UPR-dependent reduction of insulin content in Wolfram β-cells. (A) Insulin mRNA levels in control and Wolfram β-cells normalized to TBP (TATA-binding protein) mRNA levels and to the number of C-peptide–positive cells used for analysis. (B) Insulin protein content in the β-cells normalized to the number of C-peptide–positive cells. Error bars represent three independent experiments with three replicates in each experiment. *P < 0.05 for vehicle of WS vs. control cells. (C) Transmission electron microscope images of β-cells (scale bar, 2 μm). (D) Quantification of granule numbers per cell. Three independent differentiation experiments with n = 20 sections for each subject of each experiment. *P < 0.05 for WS-1 vs. control or WS-1 cells treated with 4PBA for 7 days or WS-1 cells carrying wild-type WFS1 expression vector. Ctrl, control.

To determine the cause of the decreased insulin content, we analyzed the ratio of proinsulin/insulin in β-cells. We found that the proinsulin/insulin ratio in Wolfram β-cells was between 0.4 and 0.55, similar to control cells (0.4–0.47) (Fig. 3A, Supplementary Fig. 3). We next investigated the expression of components of the UPR in Wolfram and control cells. Three branches of the UPR, inositol-requiring protein 1α (IRE1α), protein kinase RNA-like ER kinase (PERK), and ATF6, sense increases in unfolded protein and respond with modulation of cellular, transcriptional, and translational activities (22). It has previously been reported that chronic hyperactivation of IRE1 leads to decreased insulin mRNA and protein level in INS-1 cells (23). Using quantitative PCR and Western blotting, we found that in fibroblasts, iPS cells, and β-cells, components of the three major UPR pathways were increased in Wolfram subject samples in comparison with controls, including spliced XBP-1 (sXBP-1) mRNA, which is downstream of IRE1, ATF4 mRNA, and nuclear ATF6α, p-eIF2α (eukaryotic translation initiation factor-2α) and GRP78 protein (Fig. 3BE, Supplementary Fig. 4). These differences were amplified by the imposition of experimental ER stress. TG, which impairs protein folding by interfering with calcium homeostasis in the ER (24), caused a greater increase of GRP78 mRNA levels in Wolfram (fourfold) than in control stem cells (twofold) (Supplementary Fig. 4A). A stronger UPR response in Wolfram cells than in control cells is also observed with the application of another ER stress inducer, TM, an inhibitor of N-linked glycosylation (25) (Supplementary Fig. 4B and C). Experimentally induced ER stress also affected ER morphology: the ER was greatly dilated in Wolfram β-cells in the presence of a low dose of TG, while control cells were unaffected (Fig. 3G, Supplementary Fig. 5). Insulin processing was similarly affected; treatment with low doses of TG resulted in the accumulation of proinsulin in Wolfram but not in control cells (Fig. 3A). The upregulation of UPR pathways, including increased sXBP-1 mRNA, a downstream target of IRE-1α, suggests that the UPR response is likely responsible for the reduced insulin content and insulin processing in β-cells.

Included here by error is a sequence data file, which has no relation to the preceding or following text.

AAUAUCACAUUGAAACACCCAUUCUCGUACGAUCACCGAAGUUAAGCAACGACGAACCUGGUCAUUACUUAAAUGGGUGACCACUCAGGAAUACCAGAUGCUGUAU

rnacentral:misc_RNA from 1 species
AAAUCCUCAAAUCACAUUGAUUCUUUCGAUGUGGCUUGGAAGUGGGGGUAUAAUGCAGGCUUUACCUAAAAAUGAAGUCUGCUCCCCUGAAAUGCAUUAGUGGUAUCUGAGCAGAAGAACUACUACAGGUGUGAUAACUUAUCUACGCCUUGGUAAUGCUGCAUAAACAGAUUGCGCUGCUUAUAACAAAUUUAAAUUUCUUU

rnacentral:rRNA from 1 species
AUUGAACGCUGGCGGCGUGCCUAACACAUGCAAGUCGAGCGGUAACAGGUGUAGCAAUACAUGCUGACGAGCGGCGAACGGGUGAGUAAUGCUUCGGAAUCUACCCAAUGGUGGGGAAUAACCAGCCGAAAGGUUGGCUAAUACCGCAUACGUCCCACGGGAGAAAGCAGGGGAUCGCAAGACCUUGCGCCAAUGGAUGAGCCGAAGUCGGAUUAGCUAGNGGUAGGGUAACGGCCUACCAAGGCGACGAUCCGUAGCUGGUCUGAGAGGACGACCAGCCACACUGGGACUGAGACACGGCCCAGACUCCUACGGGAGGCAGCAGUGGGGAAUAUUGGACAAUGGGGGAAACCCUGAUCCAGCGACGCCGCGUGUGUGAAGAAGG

Figure 3

Increased UPR pathway activity and increased sensitivity of the ER-to-ER stress in Wolfram β-cells. (A) Proinsulin-to-insulin ratio determined by ELISA; n = 6 for each of two independent experiments. (BF) Quantification of components of the UPR displayed as fold change compared with vehicle-treated control cells (set to 1). Western blot analysis and quantification for (B) nuclear ATF6α (n = 3) and (C) phosphorylated eIF2α (n = 3) in β-cells. (DF) Quantitative PCR for mRNA levels of sXBP-1, ATF4 in β-cells, and GRP78 in iPS cells (n = 3 for each experiment). *P < 0.05. (G) Transmission electron microscope image showing ER morphology in control and Wolfram cells after 12-h treatment with 10 nmol/L TG. Arrows point to the ER. Scale bar, 500 nm. β-Cells were treated with TG 10 nmol/L for 12 h, and 1 mmol/L 4PBA or 1 mmol/L TUDCA was added 1 h prior to and during TG treatment. 4PBA 7d refers to treatment from day 9 to day 15 of β-cell differentiation.

To determine if preventing the activation of the UPR could restore normal insulin content in Wolfram cells, we generated β-cells in the presence of the chemical chaperone sodium 4PBA during days 9 to 15 of differentiation. 4PBA can assist protein folding and thereby reduce the activity of UPR pathways (26). 4PBA (27,28) and TUDCA (29) reduced GRP78 mRNA levels in Wolfram cells treated with TG (Fig. 3F). Nuclear ATF6α, p-eIF2α protein levels, and sXBP-1 as well as ATF4 mRNA levels were reduced by 30–50% in comparison with no 4PBA vehicle controls (Fig. 3BE). Strikingly, insulin mRNA levels in Wolfram cells were increased by 1.9-fold and insulin content by 1.5–1.9-fold to levels comparable to those in control cells without 4PBA (Fig. 2A and B). The number of secretory granules in Wolfram β-cells was also substantially increased with the treatment of long-term 4PBA or with the expression of exogenous wild-type WFS1 protein (Fig. 2C and D). When control cells were exposed to the same 7d treatment with 4PBA during β-cell differentiation, no significant increase of insulin production was observed (Fig. 2A and B). Also, insulin processing was normalized by the treatment of 4PBA after exposure to TG (Fig. 3A). These results demonstrate that activation of the UPR mediates the reduced insulin content in WFS1 mutant β-cells. The activation of all three UPR pathways suggests that WFS1 acts upstream of the UPR, likely to maintain ER function under protein folding stress.